“Suffice to say, Nests Of Waves And Wire is more than the sum of its very varied parts. At times the sheer musical breadth and vastness of tracks…are almost overwhelming. As dramatic as the changing of the seasons NOWAW is a vital celebration of the power and immensity of sound and the human voice. Perfect springtime listening.” – Wears The Trousers
“A dizzying construct of lunatic prettiness. It all flows together, like a fantastical alien river.” – Rocksound 8 out of 10 stars
“With each twist on Nests Of Waves And Wire there is something new to obsess over, whether it’s complete u-turn in the previous drum pattern, an obtuse reverberation chamber that swallows the whole middle section…or a vocal hook that contradicts everything you thought you’d gathered from the first 20 minutes of the album. It becomes so utterly unpredictable…the purest and most essential thing about it.” – Rock A Rolla
“Multi-layered hollering is mounted on crazy synths and disjointed loops and the beats are ever changing; the whole thing a savage maelstrom of sound.” – Alternative Ulster 7 out of 10 stars
“Tartufi build intricate loops of organic alt rock and lay freak folk riffs over clattering campfire rhythms. The effect is rapturous, strident.” – PLAN B
This morning I’m suffering from an aching neck, blurry vision and a fuzzy head. Was I in a car accident? Nope. I went to see the Melvins last night. Unfortunately got there a bit late, having been tangled in the web of West London, fenced in by traffic and general western chaos until well after Witch left the stage. The general consensus from those polled was that Witch were awesome but not as great as at Roadburn. Probably the drugs were just better at Roadburn.
Seeing Melvins in a relatively intimate venue like the Garage (capacity 600) is a treat, and immediately brought back memories of seeing bands like The Jesus Lizard play there – I remember David Yow crowd surfing and kicking holes in the ceiling with his cowboy boots. The refurbished Garage has a much higher ceiling and has had its capacity nearly doubled by the clever removal of a few old barriers. Melvins were of course, fantastically awesome. It is heart-warming to witness how well Buzz and Dale have survived and how the beast that is Melvins has triumphed over the years and the numerous line-up changes. Having devoured Big Business and with Jared Warren and Coady Willis sitting comfortably in their belly, certainly the present incarnation of Melvins is my personal favourite. There is really very little that can trump double drums.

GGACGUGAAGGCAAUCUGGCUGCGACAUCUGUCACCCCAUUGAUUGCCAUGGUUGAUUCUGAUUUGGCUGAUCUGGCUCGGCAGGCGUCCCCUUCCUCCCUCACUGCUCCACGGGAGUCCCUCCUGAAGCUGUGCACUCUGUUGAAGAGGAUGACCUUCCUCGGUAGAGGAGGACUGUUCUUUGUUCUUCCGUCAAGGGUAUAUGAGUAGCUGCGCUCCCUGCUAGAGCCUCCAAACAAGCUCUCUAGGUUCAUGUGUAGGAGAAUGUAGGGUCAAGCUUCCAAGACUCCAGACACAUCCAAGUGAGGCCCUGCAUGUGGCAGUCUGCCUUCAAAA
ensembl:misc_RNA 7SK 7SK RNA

The gig was no disappointment (how can any show where they play “Night Goat” be?) but I will say three things: Not. Loud. Enough. I presume this was a faux pas on the Garage’s part (the venue does back onto an expensive patch of residential London) but I really don’t expect to be able to carry on a conversation with Melvins onstage. Also I do have to express mild disappointment at the fact that the band took a brief intermission at the one hour mark, and then came back in the same costumes! What’s that about? If you’re gonna take a break, at least give us a pay-off. (I am reliably informed that I can expect at least three costume changes at SunnO)))’s show at Koko next Monday, and I’m trembling in anticipation.) However we can thank the young lady in the audience who climbed up on someone’s shoulders to get naked from the waist up, for at least providing a habilimental diversion, and for inspiring Jared to reciprocate.
Exciting times! This week we took delivery of all of the parts for the latest Latitudes release – Alexander Tucker & Decomposed Orchestra’s Grey Onion. We packed up enough to give Mr Tucker some copies to take down to ATP with him this weekend, and also to get it on sale in the Southern shop.
This is not Mr. Tucker’s first appearance for Latitudes – he has served alongside Stephen O’Malley and Tony Sylvester as Ginnungap on GMT0:02. Now with the release of Grey Onion he gets his own, long overdue centre stage. This is the first appearance of Decomposed Orchestra – something Alex will be treating you to more of soon via his home team at ATP Recordings. Adding additional instrumentation to his alchemical layers of hypnotic strings and voice has helped the already unique Tucker sound move into new directions, as brooding saxophone snakes menacingly through the riff-heavy atmosphere, and the teasing strains of the clarinet amp the spook factor up to maximum.
Grey Onion CDs will be available from later today in the web shop. We just received test pressings for the vinyl – if Alex approves the cut, expect that to be available in about two weeks.